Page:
ESight Creates Electronic Glasses For Visually Impaired
The headsets from eSight transmit images from a forward-facing camera to small internal screens — one for each eye — in a way that beams the video into the wearer's peripheral vision.
In this photo taken Thursday, Feb. 2, 2017, eSight CEO and President Brian Mech holds up a pair electronic glasses at Union Square San Francisco. The glasses enable the legally blind to see. (Image: AP Photo/Eric Risberg)
Jeff Regan was born with underdeveloped optic nerves and had spent most of his life in a blur. Then four years ago, he donned an unwieldy headset made by a Toronto company called eSight.
Suddenly, Regan could read a newspaper while eating breakfast and make out the faces of his co-workers from across the room. He's been able to attend plays and watch what's happening on stage, without having to guess why people around him were laughing.
"These glasses have made my life so much better," said Regan, 48, a Canadian engineer who lives in London, Ontario.
The headsets from eSight transmit images from a forward-facing camera to small internal screens — one for each eye — in a way that beams the video into the wearer's peripheral vision. That turns out to be all that some people with limited vision, even legal blindness, need to see things they never could before. That's because many visual impairments degrade central vision while leaving peripheral vision largely intact.
Although eSight's glasses won't help people with total blindness, they could still be a huge deal for the millions of peoples whose vision is so impaired that it can't be corrected with ordinary lenses.
But eSight still needs to clear a few minor hurdles.
Among them: proving the glasses are safe and effective for the legally blind. While eSight's headsets don't require the approval of health regulators — they fall into the same low-risk category as dental floss — there's not yet firm evidence of their benefits. The company is funding clinical trials to provide that proof.
The headsets also carry an eye-popping price tag. The latest version of the glasses, released in mid-February, sells for about $10,000. While that's $5,000 less than its predecessor, it's still a lot for people who often have trouble getting high-paying jobs because they can't see.
Insurers won't cover the cost; they consider the glasses an "assistive" technology similar to hearing aids.
ESight CEO Brian Mech said the latest improvements might help insurers overcome their short-sighted view of his product. Mech argues that it would be more cost-effective for insurers to pay for the headsets, even in part, than to cover more expensive surgical procedures that may restore some sight to the visually impaired.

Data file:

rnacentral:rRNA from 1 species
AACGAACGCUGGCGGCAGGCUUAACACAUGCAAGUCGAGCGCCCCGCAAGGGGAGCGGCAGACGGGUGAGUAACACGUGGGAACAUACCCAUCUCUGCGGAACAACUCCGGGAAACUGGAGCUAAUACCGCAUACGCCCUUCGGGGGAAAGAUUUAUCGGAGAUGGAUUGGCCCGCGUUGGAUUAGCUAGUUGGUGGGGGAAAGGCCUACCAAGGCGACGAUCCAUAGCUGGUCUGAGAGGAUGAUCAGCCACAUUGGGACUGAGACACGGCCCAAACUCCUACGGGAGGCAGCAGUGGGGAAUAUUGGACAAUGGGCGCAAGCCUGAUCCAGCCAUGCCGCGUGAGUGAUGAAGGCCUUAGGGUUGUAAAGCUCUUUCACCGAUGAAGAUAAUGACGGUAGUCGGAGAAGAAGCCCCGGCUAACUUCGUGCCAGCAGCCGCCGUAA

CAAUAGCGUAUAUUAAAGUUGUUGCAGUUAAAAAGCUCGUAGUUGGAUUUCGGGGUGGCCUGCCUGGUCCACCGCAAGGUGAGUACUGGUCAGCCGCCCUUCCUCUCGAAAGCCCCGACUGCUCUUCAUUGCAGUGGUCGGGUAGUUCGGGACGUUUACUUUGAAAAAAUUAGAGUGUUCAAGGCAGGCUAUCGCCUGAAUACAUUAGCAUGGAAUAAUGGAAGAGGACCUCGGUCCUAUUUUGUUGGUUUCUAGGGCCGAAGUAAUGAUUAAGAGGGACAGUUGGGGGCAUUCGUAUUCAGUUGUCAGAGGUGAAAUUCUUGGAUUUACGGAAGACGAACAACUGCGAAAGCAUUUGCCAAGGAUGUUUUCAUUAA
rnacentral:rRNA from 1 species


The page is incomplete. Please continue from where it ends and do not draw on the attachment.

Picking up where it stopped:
The latest version of ESight's technology, built with investments of $32 million over the past decade, is a gadget that vaguely resembles the visor worn by the blind "Star Trek" character Geordi La Forge, played by LeVar Burton.
The third-generation model lets wearers magnify the video feed up to 24 times, compared to just 14 times in earlier models. There's a hand control for adjusting brightness and contrast. The new glasses also come with a more powerful high-definition camera.
ESight believes that about 200 million people worldwide with visual acuity of 20/70 to 20/1200 could be potential candidates for its glasses. That number includes people with a variety of disabling eye conditions such as macular degeneration, diabetic retinopathy, ocular albinism, Stargardt's disease, or, like Regan, optic nerve hypoplasia.
So far, though, the company has sold only about 1,000 headsets, despite the testimonials of wearers who've become true believers.
Take, for instance, Yvonne Felix, an artist who now works as an advocate for eSight after seeing the previously indistinguishable faces of her husband and two sons for the first time via its glasses. Others, ranging from kids to senior citizens, have worn the gadgets to golf, watch football or just perform daily tasks such as reading nutrition labels.
EYING THE COMPETITION
ESight isn't the only company focused on helping the legally blind. Other companies working on high-tech glasses and related tools include Aira, Orcam, ThirdEye, NuEyes and Microsoft.
But most of them are doing something very different. While their approaches also involve cameras attached to glasses, they don't magnify live video. Instead, they take still images, analyse them with image recognition software and then generate an automated voice that describes what the wearer is looking at — anything from a child to words written on a page.
Samuel Markowitz, a University of Toronto professor of ophthalmology, says that eSight's glasses are the most versatile option for the legally blind currently available, as they can improve vision at near and far distances, plus everything in between.
Markowitz is one of the researchers from five universities and the Center for Retina and Macular Disease that recently completed a clinical trial of eSight's second-generation glasses.
Although the results won't be released until later this year, Markowitz said the trials found little risk to the glasses. The biggest hazard, he said, is the possibility of tripping and falling while walking with the glasses covering the eyes.
The device "is meant to be used while in a stationary situation, either sitting or standing, for looking around at the environment," Markowitz said.
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